Modifications and Enforcements
Modification of Final Judgment
Family Law cases are unique in that most provisions of a family law case may be modified under certain circumstances. Equitable Distribution (the Court's original division of assets and liabilities) may not be modified after a final order becomes unappealable (typically 30 days after it was rendered), but Child Support, Timesharing, Parental Responsibility and Alimony continue to be modifiable by filing a proper pleading with a court having jurisdiction over the matter. The pleading requirements (what the filing must say) and the legal standard that must be met vary based upon which portion of a final judgment you are attempting to modify.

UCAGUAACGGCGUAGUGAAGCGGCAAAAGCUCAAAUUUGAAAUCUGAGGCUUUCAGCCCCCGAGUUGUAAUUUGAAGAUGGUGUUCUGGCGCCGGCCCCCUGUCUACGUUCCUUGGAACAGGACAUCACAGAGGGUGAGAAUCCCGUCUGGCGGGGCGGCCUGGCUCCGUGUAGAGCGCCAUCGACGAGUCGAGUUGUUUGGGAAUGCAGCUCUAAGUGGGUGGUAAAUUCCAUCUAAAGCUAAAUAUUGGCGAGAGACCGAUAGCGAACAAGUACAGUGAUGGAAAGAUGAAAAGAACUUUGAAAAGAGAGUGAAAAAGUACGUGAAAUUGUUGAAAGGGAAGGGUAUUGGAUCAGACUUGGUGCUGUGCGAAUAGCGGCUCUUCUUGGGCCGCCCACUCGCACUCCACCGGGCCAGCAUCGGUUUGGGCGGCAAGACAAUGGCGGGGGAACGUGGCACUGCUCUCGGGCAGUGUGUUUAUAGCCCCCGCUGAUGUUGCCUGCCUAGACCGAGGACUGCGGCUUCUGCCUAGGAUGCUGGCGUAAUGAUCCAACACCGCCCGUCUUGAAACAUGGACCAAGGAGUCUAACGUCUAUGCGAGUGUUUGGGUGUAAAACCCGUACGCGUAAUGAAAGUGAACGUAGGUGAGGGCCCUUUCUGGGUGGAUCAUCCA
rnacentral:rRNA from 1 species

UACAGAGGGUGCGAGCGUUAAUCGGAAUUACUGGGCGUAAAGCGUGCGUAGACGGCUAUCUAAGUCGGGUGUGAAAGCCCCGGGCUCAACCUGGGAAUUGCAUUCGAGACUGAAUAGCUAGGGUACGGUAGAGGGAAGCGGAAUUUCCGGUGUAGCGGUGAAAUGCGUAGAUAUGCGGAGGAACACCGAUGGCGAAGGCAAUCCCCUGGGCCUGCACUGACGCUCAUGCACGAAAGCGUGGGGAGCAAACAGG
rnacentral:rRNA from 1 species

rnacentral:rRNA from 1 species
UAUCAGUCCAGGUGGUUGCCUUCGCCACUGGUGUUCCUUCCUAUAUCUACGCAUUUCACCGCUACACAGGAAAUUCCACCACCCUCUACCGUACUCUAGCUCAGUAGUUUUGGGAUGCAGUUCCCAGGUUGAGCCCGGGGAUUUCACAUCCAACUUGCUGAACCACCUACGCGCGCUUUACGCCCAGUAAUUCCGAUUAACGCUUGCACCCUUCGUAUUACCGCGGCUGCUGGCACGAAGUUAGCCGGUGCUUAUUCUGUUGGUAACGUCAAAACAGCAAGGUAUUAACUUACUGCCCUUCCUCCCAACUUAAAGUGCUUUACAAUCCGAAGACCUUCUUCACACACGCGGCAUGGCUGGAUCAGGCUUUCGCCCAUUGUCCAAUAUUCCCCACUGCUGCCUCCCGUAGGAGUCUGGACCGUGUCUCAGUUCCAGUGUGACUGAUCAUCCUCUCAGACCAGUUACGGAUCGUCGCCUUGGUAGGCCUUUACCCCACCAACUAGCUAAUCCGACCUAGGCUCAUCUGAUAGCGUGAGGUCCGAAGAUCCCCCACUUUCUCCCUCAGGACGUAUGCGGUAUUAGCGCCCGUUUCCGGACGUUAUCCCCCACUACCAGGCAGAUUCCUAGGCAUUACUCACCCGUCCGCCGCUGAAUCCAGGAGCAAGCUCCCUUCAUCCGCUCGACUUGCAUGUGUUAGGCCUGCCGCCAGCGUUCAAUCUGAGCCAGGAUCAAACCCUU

A party is not only expected to, but is legally required to comply with valid Court orders. If the other party is refusing to abide by the Court order, the other party may enforce the order by way of enforcement or contempt.
Contempt is a very powerful tool, but may only be utilized for certain issues like the payment of child support, alimony, attorneys' fees, or performance of an act (like signing document to transfer title to a car awarded in Equitable Distribution). Contempt allows a Court to place a non-complying party in jail until he complies with the Court order, so long as the Court find he or she is able to comply, but is willfully refusing to comply. If you are owed child support, alimony, or attorneys fees, or if you have a question about enforcing your judgment, contact our office for a confidential consultation.